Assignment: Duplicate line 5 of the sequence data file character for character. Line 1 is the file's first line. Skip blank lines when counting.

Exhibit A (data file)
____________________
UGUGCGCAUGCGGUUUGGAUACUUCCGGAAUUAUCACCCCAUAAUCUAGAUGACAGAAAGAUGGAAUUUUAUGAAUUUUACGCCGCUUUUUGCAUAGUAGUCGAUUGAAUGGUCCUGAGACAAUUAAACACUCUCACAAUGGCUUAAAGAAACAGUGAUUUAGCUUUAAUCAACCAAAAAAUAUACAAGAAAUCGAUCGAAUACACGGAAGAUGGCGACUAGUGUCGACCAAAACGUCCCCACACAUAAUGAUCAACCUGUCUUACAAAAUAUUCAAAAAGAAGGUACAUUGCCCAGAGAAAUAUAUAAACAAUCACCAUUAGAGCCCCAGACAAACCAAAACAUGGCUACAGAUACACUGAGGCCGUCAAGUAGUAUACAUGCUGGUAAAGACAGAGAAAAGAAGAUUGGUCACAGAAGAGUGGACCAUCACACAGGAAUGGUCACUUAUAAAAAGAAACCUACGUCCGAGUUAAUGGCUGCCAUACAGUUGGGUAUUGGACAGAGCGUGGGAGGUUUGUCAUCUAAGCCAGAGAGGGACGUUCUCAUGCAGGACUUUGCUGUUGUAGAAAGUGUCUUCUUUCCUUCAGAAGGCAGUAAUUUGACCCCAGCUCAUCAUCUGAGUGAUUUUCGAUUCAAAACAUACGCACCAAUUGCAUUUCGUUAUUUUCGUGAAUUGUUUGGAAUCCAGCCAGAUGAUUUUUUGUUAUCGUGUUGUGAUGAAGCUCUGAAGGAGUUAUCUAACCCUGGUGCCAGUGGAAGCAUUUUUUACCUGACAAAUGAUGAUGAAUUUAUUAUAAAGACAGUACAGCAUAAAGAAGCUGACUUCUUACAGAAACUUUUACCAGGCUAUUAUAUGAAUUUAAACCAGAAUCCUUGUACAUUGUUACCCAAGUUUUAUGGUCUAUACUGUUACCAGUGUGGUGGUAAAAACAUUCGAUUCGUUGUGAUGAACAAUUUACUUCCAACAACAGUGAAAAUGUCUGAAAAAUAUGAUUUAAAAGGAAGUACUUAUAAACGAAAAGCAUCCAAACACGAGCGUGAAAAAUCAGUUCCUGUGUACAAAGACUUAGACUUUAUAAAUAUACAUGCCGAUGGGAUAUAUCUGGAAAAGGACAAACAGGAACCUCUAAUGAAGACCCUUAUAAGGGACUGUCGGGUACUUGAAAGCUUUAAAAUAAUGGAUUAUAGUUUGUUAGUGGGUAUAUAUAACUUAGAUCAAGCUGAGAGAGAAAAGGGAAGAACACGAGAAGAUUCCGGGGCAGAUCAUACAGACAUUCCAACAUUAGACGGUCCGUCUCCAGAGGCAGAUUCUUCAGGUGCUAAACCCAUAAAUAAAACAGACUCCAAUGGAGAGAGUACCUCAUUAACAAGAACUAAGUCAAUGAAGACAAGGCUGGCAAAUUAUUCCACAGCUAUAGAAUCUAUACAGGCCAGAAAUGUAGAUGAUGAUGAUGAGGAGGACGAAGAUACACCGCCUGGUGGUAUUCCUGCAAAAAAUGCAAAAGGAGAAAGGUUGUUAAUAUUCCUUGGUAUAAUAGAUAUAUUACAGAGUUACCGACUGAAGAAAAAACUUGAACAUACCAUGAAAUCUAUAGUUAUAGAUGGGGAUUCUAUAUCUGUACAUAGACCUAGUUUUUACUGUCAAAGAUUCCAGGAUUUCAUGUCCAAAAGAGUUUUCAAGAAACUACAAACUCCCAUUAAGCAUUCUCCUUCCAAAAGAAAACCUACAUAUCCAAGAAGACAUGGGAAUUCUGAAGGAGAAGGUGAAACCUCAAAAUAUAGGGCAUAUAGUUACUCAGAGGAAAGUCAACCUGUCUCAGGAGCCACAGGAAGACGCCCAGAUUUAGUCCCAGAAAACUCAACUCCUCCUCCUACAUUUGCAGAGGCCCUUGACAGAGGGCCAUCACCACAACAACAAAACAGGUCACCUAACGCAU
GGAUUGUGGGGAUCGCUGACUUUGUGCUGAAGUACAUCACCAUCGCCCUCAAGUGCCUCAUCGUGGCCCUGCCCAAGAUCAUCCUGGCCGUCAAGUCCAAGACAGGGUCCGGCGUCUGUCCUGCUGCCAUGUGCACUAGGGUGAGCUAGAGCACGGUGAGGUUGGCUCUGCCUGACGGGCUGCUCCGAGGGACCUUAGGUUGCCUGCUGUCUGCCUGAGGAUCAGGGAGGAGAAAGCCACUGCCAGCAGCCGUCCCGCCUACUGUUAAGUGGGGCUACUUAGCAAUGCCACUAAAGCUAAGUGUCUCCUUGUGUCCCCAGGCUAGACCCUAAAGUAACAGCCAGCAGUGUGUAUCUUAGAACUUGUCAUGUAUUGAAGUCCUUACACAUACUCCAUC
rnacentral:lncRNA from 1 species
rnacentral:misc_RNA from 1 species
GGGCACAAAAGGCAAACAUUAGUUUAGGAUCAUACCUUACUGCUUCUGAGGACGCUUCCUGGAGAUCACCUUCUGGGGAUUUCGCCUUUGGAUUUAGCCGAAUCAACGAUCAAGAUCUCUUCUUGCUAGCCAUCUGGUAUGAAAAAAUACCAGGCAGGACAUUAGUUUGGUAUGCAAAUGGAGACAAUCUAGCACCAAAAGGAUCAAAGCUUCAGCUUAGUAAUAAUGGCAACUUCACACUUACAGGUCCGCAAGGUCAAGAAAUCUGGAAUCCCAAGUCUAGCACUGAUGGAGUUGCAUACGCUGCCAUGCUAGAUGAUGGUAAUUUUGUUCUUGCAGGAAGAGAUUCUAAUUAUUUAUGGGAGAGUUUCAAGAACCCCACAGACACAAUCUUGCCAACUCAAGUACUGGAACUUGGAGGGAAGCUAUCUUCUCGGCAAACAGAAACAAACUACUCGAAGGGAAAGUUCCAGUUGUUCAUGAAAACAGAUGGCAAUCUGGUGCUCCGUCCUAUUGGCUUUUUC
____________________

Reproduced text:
GGGCACAAAAGGCAAACAUUAGUUUAGGAUCAUACCUUACUGCUUCUGAGGACGCUUCCUGGAGAUCACCUUCUGGGGAUUUCGCCUUUGGAUUUAGCCGAAUCAACGAUCAAGAUCUCUUCUUGCUAGCCAUCUGGUAUGAAAAAAUACCAGGCAGGACAUUAGUUUGGUAUGCAAAUGGAGACAAUCUAGCACCAAAAGGAUCAAAGCUUCAGCUUAGUAAUAAUGGCAACUUCACACUUACAGGUCCGCAAGGUCAAGAAAUCUGGAAUCCCAAGUCUAGCACUGAUGGAGUUGCAUACGCUGCCAUGCUAGAUGAUGGUAAUUUUGUUCUUGCAGGAAGAGAUUCUAAUUAUUUAUGGGAGAGUUUCAAGAACCCCACAGACACAAUCUUGCCAACUCAAGUACUGGAACUUGGAGGGAAGCUAUCUUCUCGGCAAACAGAAACAAACUACUCGAAGGGAAAGUUCCAGUUGUUCAUGAAAACAGAUGGCAAUCUGGUGCUCCGUCCUAUUGGCUUUUUC